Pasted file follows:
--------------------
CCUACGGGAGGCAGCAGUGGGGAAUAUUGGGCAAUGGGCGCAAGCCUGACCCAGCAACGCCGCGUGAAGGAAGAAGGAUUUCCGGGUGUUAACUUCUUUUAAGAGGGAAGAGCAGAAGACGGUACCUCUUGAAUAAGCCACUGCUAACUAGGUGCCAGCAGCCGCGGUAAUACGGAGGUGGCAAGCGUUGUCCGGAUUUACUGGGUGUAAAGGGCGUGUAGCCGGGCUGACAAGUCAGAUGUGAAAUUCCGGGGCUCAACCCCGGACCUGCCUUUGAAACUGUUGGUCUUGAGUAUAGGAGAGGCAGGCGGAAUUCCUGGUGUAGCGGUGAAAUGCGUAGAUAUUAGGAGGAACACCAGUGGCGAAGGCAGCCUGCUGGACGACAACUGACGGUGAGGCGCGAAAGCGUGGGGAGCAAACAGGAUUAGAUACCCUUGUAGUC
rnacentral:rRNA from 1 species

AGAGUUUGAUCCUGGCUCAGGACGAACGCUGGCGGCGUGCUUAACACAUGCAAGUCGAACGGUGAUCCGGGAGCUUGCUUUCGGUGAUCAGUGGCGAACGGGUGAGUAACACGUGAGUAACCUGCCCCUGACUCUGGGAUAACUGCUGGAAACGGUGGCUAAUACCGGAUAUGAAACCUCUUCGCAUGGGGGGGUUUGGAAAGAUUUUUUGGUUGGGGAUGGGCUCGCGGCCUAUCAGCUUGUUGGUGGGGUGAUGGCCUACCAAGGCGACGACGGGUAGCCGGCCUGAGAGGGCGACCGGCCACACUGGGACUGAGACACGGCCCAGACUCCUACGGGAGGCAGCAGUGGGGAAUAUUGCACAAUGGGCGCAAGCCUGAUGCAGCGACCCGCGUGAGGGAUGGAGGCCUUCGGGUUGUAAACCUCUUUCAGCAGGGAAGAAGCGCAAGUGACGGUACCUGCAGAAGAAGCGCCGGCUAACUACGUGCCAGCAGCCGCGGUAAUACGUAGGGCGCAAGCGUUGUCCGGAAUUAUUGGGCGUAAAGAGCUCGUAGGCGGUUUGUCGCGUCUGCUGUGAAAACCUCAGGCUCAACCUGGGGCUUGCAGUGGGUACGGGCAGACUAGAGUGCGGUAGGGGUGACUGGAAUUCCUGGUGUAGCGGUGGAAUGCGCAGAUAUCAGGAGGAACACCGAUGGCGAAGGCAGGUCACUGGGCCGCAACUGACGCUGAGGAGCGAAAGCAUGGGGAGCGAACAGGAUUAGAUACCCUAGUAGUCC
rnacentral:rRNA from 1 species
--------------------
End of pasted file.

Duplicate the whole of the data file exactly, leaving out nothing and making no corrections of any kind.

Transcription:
CCUACGGGAGGCAGCAGUGGGGAAUAUUGGGCAAUGGGCGCAAGCCUGACCCAGCAACGCCGCGUGAAGGAAGAAGGAUUUCCGGGUGUUAACUUCUUUUAAGAGGGAAGAGCAGAAGACGGUACCUCUUGAAUAAGCCACUGCUAACUAGGUGCCAGCAGCCGCGGUAAUACGGAGGUGGCAAGCGUUGUCCGGAUUUACUGGGUGUAAAGGGCGUGUAGCCGGGCUGACAAGUCAGAUGUGAAAUUCCGGGGCUCAACCCCGGACCUGCCUUUGAAACUGUUGGUCUUGAGUAUAGGAGAGGCAGGCGGAAUUCCUGGUGUAGCGGUGAAAUGCGUAGAUAUUAGGAGGAACACCAGUGGCGAAGGCAGCCUGCUGGACGACAACUGACGGUGAGGCGCGAAAGCGUGGGGAGCAAACAGGAUUAGAUACCCUUGUAGUC
rnacentral:rRNA from 1 species

AGAGUUUGAUCCUGGCUCAGGACGAACGCUGGCGGCGUGCUUAACACAUGCAAGUCGAACGGUGAUCCGGGAGCUUGCUUUCGGUGAUCAGUGGCGAACGGGUGAGUAACACGUGAGUAACCUGCCCCUGACUCUGGGAUAACUGCUGGAAACGGUGGCUAAUACCGGAUAUGAAACCUCUUCGCAUGGGGGGGUUUGGAAAGAUUUUUUGGUUGGGGAUGGGCUCGCGGCCUAUCAGCUUGUUGGUGGGGUGAUGGCCUACCAAGGCGACGACGGGUAGCCGGCCUGAGAGGGCGACCGGCCACACUGGGACUGAGACACGGCCCAGACUCCUACGGGAGGCAGCAGUGGGGAAUAUUGCACAAUGGGCGCAAGCCUGAUGCAGCGACCCGCGUGAGGGAUGGAGGCCUUCGGGUUGUAAACCUCUUUCAGCAGGGAAGAAGCGCAAGUGACGGUACCUGCAGAAGAAGCGCCGGCUAACUACGUGCCAGCAGCCGCGGUAAUACGUAGGGCGCAAGCGUUGUCCGGAAUUAUUGGGCGUAAAGAGCUCGUAGGCGGUUUGUCGCGUCUGCUGUGAAAACCUCAGGCUCAACCUGGGGCUUGCAGUGGGUACGGGCAGACUAGAGUGCGGUAGGGGUGACUGGAAUUCCUGGUGUAGCGGUGGAAUGCGCAGAUAUCAGGAGGAACACCGAUGGCGAAGGCAGGUCACUGGGCCGCAACUGACGCUGAGGAGCGAAAGCAUGGGGAGCGAACAGGAUUAGAUACCCUAGUAGUCC
rnacentral:rRNA from 1 species